News

Mass. State Rep. Calls on University VP to Increase Transparency for Allston Multimodal Project

News

Harvard President Lawrence Bacow Made $1.1 Million in 2020, Financial Disclosures Show

News

Harvard Executive Vice President Katie Lapp To Step Down

News

81 Republican Lawmakers File Amicus Brief Supporting SFFA in Harvard Affirmative Action Lawsuit

News

Duke Senior’s Commencement Speech Appears to Plagiarize 2014 Address by Harvard Student

Study Links Porn to Politics

By Alexander J. Ratner, Contributing Writer

Subscriptions to pornography Web sites are slightly more common in traditionally conservative “red states” than in more democratic “blue states,” a Harvard Business School study reported this week.

Benjamin G. Edelman ’02, a professor at the Harvard Business School who conducted the study, found a statistically significant correlation between porn subscription rates and residency in states which have passed conservative legislation on sexuality. Higher subscription rates were also present in states in which people were likely to agree with statements such as, “I never doubt the existence of God.”

While the study was originally published as a business analysis of the online market for pornography, it has quickly turned political.

Martha “Martabel” Wasserman ’10, the editor-in-chief of H-Bomb—the campus sex magazine—said that the results of the study undermine the traditional conservative position.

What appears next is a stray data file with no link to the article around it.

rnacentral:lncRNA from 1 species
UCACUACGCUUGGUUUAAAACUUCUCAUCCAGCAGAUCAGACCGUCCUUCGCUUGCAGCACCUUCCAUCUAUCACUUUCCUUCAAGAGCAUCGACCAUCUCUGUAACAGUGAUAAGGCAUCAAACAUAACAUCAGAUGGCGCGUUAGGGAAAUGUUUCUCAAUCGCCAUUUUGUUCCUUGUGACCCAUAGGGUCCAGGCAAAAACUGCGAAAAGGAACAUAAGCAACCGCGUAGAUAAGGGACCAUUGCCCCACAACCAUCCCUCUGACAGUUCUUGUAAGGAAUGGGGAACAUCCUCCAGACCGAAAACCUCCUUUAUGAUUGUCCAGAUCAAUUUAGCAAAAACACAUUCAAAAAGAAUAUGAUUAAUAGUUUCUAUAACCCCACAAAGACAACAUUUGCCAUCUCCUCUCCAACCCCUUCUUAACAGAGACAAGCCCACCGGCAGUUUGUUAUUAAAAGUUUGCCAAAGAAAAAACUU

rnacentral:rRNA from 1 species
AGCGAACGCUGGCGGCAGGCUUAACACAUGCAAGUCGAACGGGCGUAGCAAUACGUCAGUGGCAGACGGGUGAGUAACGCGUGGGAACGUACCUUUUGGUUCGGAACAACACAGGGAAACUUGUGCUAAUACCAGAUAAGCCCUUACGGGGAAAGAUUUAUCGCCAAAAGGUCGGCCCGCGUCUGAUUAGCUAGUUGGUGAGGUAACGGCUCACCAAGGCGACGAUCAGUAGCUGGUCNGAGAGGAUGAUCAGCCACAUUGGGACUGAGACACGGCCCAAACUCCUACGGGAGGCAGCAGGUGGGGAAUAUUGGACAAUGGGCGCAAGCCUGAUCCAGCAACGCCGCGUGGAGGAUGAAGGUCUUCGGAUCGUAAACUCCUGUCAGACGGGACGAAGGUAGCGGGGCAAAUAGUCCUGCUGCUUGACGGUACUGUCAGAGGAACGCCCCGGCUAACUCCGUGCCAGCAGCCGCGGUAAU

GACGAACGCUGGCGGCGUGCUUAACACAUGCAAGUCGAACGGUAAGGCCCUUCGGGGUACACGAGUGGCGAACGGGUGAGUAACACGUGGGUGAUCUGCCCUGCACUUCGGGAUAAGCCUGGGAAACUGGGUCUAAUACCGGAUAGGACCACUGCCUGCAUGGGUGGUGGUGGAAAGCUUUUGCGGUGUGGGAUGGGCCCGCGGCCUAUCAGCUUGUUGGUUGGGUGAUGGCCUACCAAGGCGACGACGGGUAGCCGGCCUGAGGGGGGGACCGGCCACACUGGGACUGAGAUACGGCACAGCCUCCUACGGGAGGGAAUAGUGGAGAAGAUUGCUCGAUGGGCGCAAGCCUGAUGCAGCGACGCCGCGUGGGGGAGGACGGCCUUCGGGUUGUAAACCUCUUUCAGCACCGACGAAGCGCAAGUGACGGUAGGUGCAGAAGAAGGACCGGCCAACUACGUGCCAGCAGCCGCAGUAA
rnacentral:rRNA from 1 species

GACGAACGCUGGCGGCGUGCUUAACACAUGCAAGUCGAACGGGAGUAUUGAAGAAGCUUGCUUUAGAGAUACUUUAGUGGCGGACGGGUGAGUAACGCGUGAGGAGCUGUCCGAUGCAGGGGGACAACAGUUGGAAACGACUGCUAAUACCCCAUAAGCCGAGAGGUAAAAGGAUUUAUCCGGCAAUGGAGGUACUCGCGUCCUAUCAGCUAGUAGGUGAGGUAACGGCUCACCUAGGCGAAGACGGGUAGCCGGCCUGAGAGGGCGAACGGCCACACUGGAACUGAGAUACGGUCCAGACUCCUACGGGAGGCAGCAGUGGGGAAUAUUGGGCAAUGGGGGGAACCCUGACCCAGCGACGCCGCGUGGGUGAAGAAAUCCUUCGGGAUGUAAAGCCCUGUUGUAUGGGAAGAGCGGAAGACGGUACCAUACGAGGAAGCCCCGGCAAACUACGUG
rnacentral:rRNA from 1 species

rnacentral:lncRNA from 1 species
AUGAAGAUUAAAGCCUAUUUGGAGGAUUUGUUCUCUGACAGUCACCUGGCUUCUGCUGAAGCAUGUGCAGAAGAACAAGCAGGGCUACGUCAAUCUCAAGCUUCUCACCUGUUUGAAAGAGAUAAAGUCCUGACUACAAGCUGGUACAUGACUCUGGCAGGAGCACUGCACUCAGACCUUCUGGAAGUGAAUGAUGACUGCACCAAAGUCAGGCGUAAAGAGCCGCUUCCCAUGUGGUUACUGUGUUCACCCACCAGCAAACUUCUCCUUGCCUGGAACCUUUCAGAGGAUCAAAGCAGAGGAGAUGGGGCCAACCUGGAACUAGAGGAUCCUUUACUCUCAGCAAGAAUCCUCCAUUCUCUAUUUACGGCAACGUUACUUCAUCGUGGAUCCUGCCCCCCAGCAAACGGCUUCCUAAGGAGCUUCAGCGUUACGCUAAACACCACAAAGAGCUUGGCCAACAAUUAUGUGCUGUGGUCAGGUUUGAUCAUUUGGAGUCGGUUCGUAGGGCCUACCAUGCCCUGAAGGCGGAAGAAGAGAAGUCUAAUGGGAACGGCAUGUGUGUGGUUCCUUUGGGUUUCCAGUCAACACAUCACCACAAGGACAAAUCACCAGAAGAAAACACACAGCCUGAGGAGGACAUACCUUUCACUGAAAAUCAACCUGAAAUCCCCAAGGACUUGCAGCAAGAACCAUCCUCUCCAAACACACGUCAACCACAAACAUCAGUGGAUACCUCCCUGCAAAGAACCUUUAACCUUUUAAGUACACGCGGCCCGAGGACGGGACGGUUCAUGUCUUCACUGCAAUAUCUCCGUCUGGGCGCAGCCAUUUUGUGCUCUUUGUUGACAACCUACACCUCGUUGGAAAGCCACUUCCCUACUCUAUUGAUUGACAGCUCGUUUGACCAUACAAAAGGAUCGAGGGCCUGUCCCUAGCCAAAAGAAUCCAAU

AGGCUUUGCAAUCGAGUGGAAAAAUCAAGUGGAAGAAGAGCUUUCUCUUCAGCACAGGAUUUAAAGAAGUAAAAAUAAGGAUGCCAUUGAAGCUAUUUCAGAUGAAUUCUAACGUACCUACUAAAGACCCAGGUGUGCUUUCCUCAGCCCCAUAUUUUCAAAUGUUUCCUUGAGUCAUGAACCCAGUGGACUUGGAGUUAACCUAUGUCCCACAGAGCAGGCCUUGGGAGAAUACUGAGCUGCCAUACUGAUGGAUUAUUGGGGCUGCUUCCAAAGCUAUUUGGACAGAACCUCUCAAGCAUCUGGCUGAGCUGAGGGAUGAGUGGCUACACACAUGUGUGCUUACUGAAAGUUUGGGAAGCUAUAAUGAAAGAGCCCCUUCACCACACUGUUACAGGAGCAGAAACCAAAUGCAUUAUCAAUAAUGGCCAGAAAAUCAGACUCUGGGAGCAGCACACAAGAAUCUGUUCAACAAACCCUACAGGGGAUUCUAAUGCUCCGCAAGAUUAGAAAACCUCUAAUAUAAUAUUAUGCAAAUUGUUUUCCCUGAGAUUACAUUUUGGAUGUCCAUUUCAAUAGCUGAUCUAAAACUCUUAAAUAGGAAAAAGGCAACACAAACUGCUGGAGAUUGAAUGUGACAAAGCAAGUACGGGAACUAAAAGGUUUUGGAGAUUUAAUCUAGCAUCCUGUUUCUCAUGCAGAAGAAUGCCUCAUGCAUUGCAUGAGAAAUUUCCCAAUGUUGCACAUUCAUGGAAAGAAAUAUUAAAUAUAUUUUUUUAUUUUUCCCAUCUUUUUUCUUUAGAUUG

“It shows that they’re hypocritical, and that we shouldn’t make pornography and sex work illegal, but should instead make conditions better for the sex workers,” she said.

The New Scientist, a weekly science magazine, also ran an article about the study entitled, “Porn in the USA: Conservatives are biggest consumers.”

Despite the correlation between religion and pornography, Edelman downplayed over-politicizing his findings, instead putting an emphasis in his study on the more cautious conclusion that “there’s little sign of a major divide” in porn access across the U.S.

“There are strong correlations,” he said, “and yet you need to be careful about what that tells you. Maybe the liberal people in the conservative regions are getting their porn online rather than at retail because the conservative people have shut down the retail stores.”

Edelman said that he believes his study can offer ammunition for either side of the aisle.

“There are facts here that are useful, on both sides,” he said. “To those who are upset about the spread of adult entertainment, I’ve got facts here showing that yes, adult entertainment is being used. On the other hand, I’ve got facts suggesting that, hey, maybe adult entertainment is not actually such a big deal; it seems like everyone is using it.”

This isn’t the first time that Edelman’s academic pursuits have led him to the pornography industry.

In his research today, he is interested in the adult entertainment industry as a surprisingly innovative, adaptive, and successful business model.

“It’s an interesting management question,” he said. “The adult entertainment industry doesn’t have the benefit of many managers with Harvard degrees or MBAs. Yet time and time again, this industry remains at the cutting edge of new technologies.”

Want to keep up with breaking news? Subscribe to our email newsletter.

Tags